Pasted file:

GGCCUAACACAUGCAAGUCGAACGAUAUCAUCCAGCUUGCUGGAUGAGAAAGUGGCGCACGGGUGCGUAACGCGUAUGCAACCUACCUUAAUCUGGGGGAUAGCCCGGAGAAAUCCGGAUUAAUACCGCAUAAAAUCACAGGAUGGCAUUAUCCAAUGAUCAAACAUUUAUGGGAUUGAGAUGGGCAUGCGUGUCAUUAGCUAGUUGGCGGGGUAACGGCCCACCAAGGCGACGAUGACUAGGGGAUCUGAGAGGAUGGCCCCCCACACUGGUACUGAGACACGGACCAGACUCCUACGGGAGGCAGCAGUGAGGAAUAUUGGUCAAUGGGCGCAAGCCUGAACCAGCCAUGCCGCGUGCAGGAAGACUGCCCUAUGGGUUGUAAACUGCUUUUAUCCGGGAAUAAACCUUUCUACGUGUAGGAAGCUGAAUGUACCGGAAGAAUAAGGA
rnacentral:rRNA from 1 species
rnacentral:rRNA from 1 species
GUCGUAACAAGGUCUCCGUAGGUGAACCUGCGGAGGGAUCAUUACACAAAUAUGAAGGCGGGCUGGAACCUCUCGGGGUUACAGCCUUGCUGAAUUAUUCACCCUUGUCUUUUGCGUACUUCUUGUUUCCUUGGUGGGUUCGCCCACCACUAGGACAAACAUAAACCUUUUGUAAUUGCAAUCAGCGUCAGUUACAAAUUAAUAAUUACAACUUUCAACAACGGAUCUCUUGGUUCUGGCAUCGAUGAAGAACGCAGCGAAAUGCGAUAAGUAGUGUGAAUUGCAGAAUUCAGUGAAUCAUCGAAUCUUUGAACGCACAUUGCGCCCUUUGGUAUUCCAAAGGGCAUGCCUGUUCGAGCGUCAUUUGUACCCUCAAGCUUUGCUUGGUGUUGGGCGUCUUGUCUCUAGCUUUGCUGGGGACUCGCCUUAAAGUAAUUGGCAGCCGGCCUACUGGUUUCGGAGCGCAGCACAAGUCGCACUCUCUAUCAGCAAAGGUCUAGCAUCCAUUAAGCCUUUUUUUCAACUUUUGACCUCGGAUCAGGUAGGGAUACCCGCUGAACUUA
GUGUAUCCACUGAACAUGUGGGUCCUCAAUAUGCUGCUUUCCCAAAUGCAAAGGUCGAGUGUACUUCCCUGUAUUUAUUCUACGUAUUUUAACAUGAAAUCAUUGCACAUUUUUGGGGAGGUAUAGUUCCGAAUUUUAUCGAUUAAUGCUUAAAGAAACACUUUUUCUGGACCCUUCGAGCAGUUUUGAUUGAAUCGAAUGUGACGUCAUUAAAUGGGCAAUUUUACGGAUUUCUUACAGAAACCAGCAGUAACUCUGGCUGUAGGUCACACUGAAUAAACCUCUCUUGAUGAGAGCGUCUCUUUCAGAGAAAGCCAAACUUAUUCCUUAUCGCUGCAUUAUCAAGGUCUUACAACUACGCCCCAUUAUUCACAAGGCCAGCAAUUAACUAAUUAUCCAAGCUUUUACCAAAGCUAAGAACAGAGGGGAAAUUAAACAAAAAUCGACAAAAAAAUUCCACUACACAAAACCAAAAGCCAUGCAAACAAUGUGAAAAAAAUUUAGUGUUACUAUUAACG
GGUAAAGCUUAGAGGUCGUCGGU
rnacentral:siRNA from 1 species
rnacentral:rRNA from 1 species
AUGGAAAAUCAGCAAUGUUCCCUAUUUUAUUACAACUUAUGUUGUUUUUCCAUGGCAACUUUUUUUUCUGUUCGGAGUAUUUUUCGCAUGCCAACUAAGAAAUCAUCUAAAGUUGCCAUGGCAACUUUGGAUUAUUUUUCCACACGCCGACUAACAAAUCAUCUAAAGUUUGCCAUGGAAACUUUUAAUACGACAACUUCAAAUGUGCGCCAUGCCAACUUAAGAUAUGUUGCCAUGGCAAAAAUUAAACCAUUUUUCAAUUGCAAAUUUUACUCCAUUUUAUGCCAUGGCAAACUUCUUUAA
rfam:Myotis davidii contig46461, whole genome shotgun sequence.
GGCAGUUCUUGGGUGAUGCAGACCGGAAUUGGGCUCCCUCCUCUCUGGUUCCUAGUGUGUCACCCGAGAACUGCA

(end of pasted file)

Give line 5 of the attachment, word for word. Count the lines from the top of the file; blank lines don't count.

GUGUAUCCACUGAACAUGUGGGUCCUCAAUAUGCUGCUUUCCCAAAUGCAAAGGUCGAGUGUACUUCCCUGUAUUUAUUCUACGUAUUUUAACAUGAAAUCAUUGCACAUUUUUGGGGAGGUAUAGUUCCGAAUUUUAUCGAUUAAUGCUUAAAGAAACACUUUUUCUGGACCCUUCGAGCAGUUUUGAUUGAAUCGAAUGUGACGUCAUUAAAUGGGCAAUUUUACGGAUUUCUUACAGAAACCAGCAGUAACUCUGGCUGUAGGUCACACUGAAUAAACCUCUCUUGAUGAGAGCGUCUCUUUCAGAGAAAGCCAAACUUAUUCCUUAUCGCUGCAUUAUCAAGGUCUUACAACUACGCCCCAUUAUUCACAAGGCCAGCAAUUAACUAAUUAUCCAAGCUUUUACCAAAGCUAAGAACAGAGGGGAAAUUAAACAAAAAUCGACAAAAAAAUUCCACUACACAAAACCAAAAGCCAUGCAAACAAUGUGAAAAAAAUUUAGUGUUACUAUUAACG